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The Crusaders announced last week they would be considering a change to their name and branding following the attacks that killed 50 people and left dozens injured, insisting the status quo is "no longer tenable".
The name has been seen as insensitive by many, given its links to the military campaigns launched by Christians against Muslims during the medieval period.
The branding and pre-game mascots, which feature knights riding on horseback in chain mail, waving swords and with crosses on their chests, have also come under scrutiny.
However opinion has been heavily divided among fans, and Crusaders' supporter Shane Cannons started an online petition calling on the franchise to keep its name. He said he hoped he was not the "only one".
Already the petition had nearly gained 25,000 signatures.
Cannons said the team was changing its name "because the Government thinks it's a good idea".
Prime Minister Jacinda Ardern told Newstalk ZB's Mike Hosking this morning "none of that is true".
"I haven't even expressed an opinion privately let alone publicly. I checked in with [Sports Minister] Grant Robertson as well and he hasn't either."
Crusaders CEO Colin Mansbridge told Radio Sport while the Government had shown interest in the process, there had been no instruction.
"They have been really clear they don't have an opinion, of if they do it is personal and they are leaving us to take care of it."
While there was "no pressure" from the Government, the franchise was receiving pressure from "many parts of the community" over the name.
"It has crystallised opinions."
The Christchurch-based Super Rugby franchise announced on Wednesday last week they would engage independent research company, Research First, to seek feedback and provide recommendations on the Crusaders team name and brand.
It would involve asking if they should change anything, if they should refine the imagery and branding but keep the name, or change the name and rebrand.
"Once we have feedback on those questions we will consider those last two options."
They were hoping to complete the process "as quickly as possible", but it would not be before the end of the 2019 season.
Mansbridge has previously said they were committed to taking the process seriously and doing the right thing.
"This is an event that rocked our community and brought some important issues to the fore," Mansbridge said. "One of the contentious issues that has been brought up in the aftermath of the Christchurch attacks is the name of our rugby team – the Crusaders.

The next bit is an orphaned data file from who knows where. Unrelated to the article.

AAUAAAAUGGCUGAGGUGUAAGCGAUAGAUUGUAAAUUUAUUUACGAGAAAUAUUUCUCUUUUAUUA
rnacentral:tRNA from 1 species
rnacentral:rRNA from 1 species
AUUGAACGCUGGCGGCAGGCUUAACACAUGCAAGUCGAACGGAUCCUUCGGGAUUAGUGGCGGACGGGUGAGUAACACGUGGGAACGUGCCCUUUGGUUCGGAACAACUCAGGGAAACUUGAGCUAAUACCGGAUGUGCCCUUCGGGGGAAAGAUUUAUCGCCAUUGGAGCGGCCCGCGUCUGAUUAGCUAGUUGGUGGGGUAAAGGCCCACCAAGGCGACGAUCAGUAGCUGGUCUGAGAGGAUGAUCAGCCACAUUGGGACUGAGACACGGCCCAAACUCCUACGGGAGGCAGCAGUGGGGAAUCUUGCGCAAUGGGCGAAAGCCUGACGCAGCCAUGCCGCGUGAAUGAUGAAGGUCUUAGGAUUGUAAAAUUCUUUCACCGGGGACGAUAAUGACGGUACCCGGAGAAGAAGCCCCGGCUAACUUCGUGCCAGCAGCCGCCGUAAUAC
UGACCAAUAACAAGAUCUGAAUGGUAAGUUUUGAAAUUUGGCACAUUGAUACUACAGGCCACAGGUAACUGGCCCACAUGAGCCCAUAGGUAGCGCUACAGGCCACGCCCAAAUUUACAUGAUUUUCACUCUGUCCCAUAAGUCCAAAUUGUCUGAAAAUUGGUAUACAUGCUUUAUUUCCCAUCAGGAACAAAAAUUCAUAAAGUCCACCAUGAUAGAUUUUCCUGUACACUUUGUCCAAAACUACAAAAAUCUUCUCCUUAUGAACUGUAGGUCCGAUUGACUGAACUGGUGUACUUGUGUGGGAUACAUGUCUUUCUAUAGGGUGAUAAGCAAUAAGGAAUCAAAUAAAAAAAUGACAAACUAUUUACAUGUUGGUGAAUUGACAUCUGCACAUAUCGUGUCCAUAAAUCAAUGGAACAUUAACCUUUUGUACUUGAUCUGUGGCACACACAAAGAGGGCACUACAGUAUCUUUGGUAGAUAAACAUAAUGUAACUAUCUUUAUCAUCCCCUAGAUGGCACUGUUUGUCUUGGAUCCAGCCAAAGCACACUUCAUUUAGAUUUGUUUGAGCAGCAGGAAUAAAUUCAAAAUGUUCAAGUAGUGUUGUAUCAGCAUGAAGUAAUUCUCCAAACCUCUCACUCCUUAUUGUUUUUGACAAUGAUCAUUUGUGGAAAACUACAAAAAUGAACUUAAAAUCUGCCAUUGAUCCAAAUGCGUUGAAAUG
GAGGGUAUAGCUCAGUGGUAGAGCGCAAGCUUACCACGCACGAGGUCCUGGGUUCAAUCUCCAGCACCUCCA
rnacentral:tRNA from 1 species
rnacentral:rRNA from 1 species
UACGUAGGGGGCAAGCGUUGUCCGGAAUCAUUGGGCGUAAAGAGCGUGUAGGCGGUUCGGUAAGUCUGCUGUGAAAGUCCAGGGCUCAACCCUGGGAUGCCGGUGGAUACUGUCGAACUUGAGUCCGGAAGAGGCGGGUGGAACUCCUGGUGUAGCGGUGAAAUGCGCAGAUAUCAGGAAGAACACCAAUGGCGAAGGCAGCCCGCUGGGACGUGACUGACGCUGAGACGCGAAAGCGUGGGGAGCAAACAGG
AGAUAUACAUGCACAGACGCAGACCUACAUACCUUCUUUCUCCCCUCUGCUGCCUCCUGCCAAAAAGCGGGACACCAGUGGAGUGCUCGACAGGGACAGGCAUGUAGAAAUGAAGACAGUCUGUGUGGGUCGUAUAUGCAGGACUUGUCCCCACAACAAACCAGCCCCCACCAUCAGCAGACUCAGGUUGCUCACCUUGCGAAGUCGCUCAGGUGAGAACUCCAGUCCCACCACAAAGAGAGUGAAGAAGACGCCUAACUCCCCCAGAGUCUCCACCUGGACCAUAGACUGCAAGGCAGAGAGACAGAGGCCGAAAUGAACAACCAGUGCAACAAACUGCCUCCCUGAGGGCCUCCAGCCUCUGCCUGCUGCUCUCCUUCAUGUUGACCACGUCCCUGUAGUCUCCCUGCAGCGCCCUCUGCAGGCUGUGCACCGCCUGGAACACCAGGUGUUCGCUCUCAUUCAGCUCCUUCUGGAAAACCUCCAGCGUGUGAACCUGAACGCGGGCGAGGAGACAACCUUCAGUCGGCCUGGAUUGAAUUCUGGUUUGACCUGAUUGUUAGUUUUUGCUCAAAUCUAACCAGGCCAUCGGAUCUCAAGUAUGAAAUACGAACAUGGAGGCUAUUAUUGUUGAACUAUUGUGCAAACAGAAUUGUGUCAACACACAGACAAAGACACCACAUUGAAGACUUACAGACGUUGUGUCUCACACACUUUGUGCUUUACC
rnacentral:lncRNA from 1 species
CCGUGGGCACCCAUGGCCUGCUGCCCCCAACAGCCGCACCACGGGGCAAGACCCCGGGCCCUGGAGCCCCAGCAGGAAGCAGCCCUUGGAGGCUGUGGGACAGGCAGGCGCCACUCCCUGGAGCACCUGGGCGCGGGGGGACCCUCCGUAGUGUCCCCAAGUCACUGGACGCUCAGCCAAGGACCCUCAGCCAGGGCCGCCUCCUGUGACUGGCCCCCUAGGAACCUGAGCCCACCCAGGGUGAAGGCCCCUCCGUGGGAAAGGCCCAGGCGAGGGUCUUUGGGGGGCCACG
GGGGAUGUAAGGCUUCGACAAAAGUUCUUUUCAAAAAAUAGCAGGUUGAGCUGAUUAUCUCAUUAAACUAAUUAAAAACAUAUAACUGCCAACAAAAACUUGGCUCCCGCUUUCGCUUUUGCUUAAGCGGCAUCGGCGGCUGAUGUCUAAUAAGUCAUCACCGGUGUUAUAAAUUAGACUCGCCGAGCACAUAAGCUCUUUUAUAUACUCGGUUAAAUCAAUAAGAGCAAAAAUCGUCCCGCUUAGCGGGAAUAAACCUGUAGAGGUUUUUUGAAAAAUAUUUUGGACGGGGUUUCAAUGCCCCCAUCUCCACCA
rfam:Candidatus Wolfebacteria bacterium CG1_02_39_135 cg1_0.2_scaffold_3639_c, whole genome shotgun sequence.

"Because of our desire to be the best we can be and to support our community, we are treating the question around the appropriateness of our brand extremely seriously.
"We are committed to undertaking a thorough process, taking into account all relevant opinions and, most importantly, we are committed to doing the right thing."
New Zealand Rugby CEO Steve Tew said the Crusaders name and branding was "no longer tenable".
"In the wake of the Christchurch attacks, it is apparent that the symbolism the club has used, combined with the 'Crusaders' name, is offensive to some in the community due to its association with the religious Crusades between Christians and Muslims.
"Maintaining the status quo in terms of the Crusaders name along with the current imagery of knights on horseback is, in our view, no longer tenable because of the association with the religious Crusades that has now been drawn. That is therefore not one of the options that we will be considering."
Crusades reference point for white supremacists
Massey University professor of sociology Paul Spoonley, who has studied the behaviours of the rising far-right and white supremacist movement in New Zealand, previously told the Herald the crusades were a common point of reference for modern-day white supremacists.
"The white supremacists and the extreme right certainly refer back on occasion to the crusades. That's part of the history that they want to call upon in order to remind people that there is a global struggle against Islam.
"That's not necessarily connected to the Crusaders rugby team … [but] on a symbolic level, absolutely. But it's a bit like a number of the rest of us, we'll be saying to ourselves 'I had no idea. I did not realise that what I was doing was feeding into those groups who might be Islamophobic'. So it's that naivety again I think."
Spoonley said the process was not about cleansing history of anything which might could offensive, but having a discussion to understand why it's offensive, and to whom.
"I think we do need to have a discussion. And I agree entirely with the Crusaders management that you need to pick your moment to have that discussion and you need to involve members of the Muslim community in that discussion.
"It might be that Muslim community says 'No that's fine'. I don't know that, but you wouldn't want to continue just using that imagery without having that discussion."
In 2009, Middlesex County Cricket Club in England changed their name from the Middlesex Crusaders to the Panthers after only receiving "one or two" complaints from Muslim and Jewish communities.